The Digital Rhetoric Collaborative Book Series, part of the Digital Culture Books imprint of the U-M Press, is delighted to announce the publication of our first book! Digital Samaritans, by Jim Ridolfo of the University of Kentucky, explores rhetorical delivery and cultural sovereignty in the digital humanities by way of a careful engagement with the small Samaritan community living in the West Bank and Israel and the circulation of its large diaspora of sacred manuscripts that the author helped to digitize in connection with a multi-sited digital humanities project. The book, available as a paperback and a free online text, also provides interactive digital artifacts, such as maps and videos. Stay tuned for other forthcoming DRC Books.
Last year, the second year of our collaboration with Literati Bookstore and WCBN, saw unprecedented audience numbers for interviews with Phoebe Gloeckner and Bruce Conforth This year, we’re hoping to welcome even more U-M and Ann Arbor community members into the series, as Literati’s upstairs café has created plenty of space, with delicious coffee and tea!
March 22nd, 2016, 6-7pm at Literati Bookstore and Live on WCBN: Professor Robin Queen, of U-M’s Department of Linguistics joins us as our winter guest. Her research lies at the intersections of language contact, language variation and sociocultural landscapes. She is increasingly curious about the place of cognition for these intersections. Her book Vox Popular: The Surprising Life of Language in the Media has recently been published with Wiley Blackwell.
We’ll be talking with Professor Queen about how she approaches writing, how she teaches writing in the classrooms, and her hopes and dreams for her students’ work. We hope you will join us at Literati, or via WCBN’s live streaming.
Audio recordings of previous Writer to Writer events are available on our website.
Louis Cicciarelli was named the Charles Baxter Collegiate Lecturer in recognition of his sustained record of excellence in teaching and service by the Office of the Provost .Awarded to a lecturer with an sustained record of outstanding teaching and service and a demonstrable impact on students’ lives, this is a rare honor, with no more than three awarded campus-wide in any given year. In addition to receiving the title of Collegiate Lecturer, Louis will have the opportunity to name his lectureship to honor a former U-M instructor.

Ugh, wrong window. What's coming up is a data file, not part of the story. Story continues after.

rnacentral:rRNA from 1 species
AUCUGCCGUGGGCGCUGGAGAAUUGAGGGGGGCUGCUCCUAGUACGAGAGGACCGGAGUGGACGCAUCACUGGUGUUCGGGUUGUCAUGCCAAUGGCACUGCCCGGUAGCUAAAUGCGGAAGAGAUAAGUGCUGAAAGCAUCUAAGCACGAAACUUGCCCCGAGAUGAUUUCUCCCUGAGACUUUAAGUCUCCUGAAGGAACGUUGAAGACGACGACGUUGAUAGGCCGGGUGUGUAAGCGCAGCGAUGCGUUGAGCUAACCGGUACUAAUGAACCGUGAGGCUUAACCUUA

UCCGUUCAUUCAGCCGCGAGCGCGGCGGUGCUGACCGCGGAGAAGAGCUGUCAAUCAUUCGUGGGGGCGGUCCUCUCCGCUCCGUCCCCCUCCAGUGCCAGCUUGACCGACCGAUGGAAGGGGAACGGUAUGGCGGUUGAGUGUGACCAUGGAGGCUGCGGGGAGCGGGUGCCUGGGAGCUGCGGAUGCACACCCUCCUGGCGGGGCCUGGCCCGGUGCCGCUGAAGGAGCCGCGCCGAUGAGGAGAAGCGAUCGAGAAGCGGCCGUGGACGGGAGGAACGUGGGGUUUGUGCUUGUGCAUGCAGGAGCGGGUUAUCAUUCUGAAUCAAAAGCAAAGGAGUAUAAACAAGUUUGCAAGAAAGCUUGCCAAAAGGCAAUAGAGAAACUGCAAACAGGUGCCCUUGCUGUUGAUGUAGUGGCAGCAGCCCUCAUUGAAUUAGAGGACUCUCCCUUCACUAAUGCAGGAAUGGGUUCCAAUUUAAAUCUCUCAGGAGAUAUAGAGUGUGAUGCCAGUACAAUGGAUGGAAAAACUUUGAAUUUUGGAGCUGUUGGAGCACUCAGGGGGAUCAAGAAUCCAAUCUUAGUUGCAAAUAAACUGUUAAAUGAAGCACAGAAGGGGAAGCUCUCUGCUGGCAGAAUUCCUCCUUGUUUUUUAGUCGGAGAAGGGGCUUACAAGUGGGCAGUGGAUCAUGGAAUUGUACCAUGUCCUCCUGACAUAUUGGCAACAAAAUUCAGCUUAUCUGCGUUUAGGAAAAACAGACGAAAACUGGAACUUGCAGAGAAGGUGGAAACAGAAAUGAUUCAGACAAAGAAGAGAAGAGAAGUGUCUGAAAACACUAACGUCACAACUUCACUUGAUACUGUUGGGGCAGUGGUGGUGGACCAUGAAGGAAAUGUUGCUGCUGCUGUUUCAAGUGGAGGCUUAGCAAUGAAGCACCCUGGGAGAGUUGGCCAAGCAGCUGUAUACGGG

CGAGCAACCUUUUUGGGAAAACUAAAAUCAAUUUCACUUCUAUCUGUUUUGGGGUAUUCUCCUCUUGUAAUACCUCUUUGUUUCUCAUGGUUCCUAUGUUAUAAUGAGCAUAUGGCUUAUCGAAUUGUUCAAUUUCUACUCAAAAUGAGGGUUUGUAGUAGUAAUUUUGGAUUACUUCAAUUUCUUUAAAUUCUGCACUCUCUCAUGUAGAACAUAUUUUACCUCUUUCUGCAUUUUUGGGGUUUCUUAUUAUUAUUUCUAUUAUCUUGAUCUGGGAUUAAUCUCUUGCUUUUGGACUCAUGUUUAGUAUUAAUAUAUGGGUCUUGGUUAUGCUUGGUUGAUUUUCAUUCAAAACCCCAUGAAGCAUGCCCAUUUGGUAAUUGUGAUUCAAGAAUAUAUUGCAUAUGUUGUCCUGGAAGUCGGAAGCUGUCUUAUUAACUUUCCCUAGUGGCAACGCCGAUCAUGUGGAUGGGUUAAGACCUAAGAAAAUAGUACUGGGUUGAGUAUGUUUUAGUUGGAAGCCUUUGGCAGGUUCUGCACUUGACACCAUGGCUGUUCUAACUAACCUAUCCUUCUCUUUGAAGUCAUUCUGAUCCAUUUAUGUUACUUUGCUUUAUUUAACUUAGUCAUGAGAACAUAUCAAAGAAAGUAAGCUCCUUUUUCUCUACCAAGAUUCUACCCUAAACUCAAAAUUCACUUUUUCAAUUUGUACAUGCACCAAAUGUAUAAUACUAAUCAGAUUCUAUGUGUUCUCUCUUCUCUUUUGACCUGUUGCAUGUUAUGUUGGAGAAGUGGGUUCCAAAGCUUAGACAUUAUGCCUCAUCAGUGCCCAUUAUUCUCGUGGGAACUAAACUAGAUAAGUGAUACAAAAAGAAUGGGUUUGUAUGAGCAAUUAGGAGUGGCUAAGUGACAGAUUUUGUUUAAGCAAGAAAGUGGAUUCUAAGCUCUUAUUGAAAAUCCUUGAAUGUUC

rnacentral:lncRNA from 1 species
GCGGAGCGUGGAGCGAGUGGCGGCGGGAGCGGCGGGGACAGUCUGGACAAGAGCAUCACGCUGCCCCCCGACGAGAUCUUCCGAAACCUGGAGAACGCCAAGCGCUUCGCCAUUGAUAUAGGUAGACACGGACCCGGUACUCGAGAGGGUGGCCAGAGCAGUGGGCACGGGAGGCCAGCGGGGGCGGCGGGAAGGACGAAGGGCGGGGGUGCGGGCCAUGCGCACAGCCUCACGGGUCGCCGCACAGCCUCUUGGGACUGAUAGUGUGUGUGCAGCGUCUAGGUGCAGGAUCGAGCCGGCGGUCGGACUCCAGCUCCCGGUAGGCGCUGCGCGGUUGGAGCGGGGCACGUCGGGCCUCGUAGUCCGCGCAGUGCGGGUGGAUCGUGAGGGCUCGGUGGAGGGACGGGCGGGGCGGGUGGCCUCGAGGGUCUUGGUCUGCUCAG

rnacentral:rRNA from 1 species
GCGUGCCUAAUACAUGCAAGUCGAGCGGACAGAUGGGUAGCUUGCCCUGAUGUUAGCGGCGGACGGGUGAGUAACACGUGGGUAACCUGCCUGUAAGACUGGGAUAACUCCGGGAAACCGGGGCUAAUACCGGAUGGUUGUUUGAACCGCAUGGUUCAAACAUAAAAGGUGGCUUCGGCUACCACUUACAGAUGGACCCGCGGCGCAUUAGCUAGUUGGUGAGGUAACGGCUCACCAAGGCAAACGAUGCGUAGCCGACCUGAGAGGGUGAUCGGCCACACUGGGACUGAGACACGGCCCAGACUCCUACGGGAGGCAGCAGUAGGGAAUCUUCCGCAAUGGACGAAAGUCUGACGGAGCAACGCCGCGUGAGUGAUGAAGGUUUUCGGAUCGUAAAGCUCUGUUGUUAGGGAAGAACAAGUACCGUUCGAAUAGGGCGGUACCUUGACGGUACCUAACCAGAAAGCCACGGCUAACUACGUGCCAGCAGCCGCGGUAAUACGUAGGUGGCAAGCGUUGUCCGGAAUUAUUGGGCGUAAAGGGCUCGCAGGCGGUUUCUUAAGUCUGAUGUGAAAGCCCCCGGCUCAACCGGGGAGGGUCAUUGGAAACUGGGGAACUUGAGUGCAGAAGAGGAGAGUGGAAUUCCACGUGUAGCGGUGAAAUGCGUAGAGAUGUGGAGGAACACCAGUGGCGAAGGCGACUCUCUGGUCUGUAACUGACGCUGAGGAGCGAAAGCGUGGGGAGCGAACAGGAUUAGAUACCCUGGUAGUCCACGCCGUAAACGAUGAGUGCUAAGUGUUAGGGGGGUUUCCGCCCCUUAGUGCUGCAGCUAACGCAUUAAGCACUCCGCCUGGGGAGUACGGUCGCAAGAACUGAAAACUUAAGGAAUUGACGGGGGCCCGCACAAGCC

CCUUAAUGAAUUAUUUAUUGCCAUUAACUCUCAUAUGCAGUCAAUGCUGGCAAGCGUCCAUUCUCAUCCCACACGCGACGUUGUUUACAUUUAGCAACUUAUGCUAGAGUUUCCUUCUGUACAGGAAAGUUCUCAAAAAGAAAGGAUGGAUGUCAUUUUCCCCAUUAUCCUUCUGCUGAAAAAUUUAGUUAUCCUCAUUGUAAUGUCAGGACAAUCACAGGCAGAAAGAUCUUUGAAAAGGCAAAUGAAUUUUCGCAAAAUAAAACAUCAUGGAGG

Carol Tell received a 2015 Outstanding Contributions to Undergraduate Education award. This award, formerly known as the Excellence in Education Award, recognizes faculty members who are exceptionally dedicated to the educational experiences of undergraduates, and who demonstrate this dedication through achievements and innovations in their own and others’ classrooms or academic programs.
Paul Barron received a 2015 BEN Prize for the Outstanding Teaching of Writing. The Ben Prize, funded by an endowment in honor of alum and English Advisory Board member Larry Kirshbaum, is awarded each year to two Lecturers who have achieved a high level of excellence in the teaching of writing.
Aaron Valdez received his 5 year staff service award.
Teri Ford was recognized for 30 years of service at U-M.
Benjamin Keating is a PhD student in U-M’s Joint Program in English and Education and a graduate student research assistant at the Sweetland Center for Writing. This is his third year at Sweetland, where he has worked on a range of projects. Much of his recent work has involved qualitative coding and analysis of interview transcripts for Sweetland’s studies of transfer student writing and a larger longitudinal study of undergraduate writing development at U-M. His own research interests include antiracist pedagogy, critical race and whiteness theory, language ideology, and discourse analysis. He has had two poems published recently: “Ports of Long Beach, CA” (in Green Mountains Review) and “Sickbed Lists” (in Juked).
Anna Knutson is in her third year as a doctoral student in the Joint Program in English and Education, and her second year as a GSRA for Sweetland. With the Sweetland research team, Anna is currently maintaining and analyzing data for a longitudinal study of undergraduate student writing, and she has also contributed to data collection and analysis for ongoing research on transfer students’ experiences with writing. In her doctoral research, Anna is interested in exploring whether/how individuals transfer knowledge about literacy and rhetoric between academic and non-academic (extracurricular and professional) contexts.
Ryan McCarty started his GSRA appointment with Sweetland in the summer of 2015, helping to code and analyze interviews to understand transfer students’ experiences with writing across institutions. He is currently analyzing interviews and writing samples in a large longitudinal study of the differences between Writing Minors and non-minors. As a second-year PhD student with the Joint Program in English and Education, Ryan is studying the diverse language practices used by students in their learning processes, employing insights from Translation Studies to discuss the insights that moving between different languages can have on learning.
Julie Babcock’s fiction, poetry, and reviews appeared or are forthcoming in Weave, The Collagist, Split Lip Magazine, Honey Pot: A Journal of Intersectional Feminism, and the anthology Feast. She presented “Who Are We in the Creative Writing Classroom: Interventions in the Craft vs. Context Fight” at the 2015 Association of Writers and Writing Programs (AWP) conference and is transforming the presentation into an article for New Theory.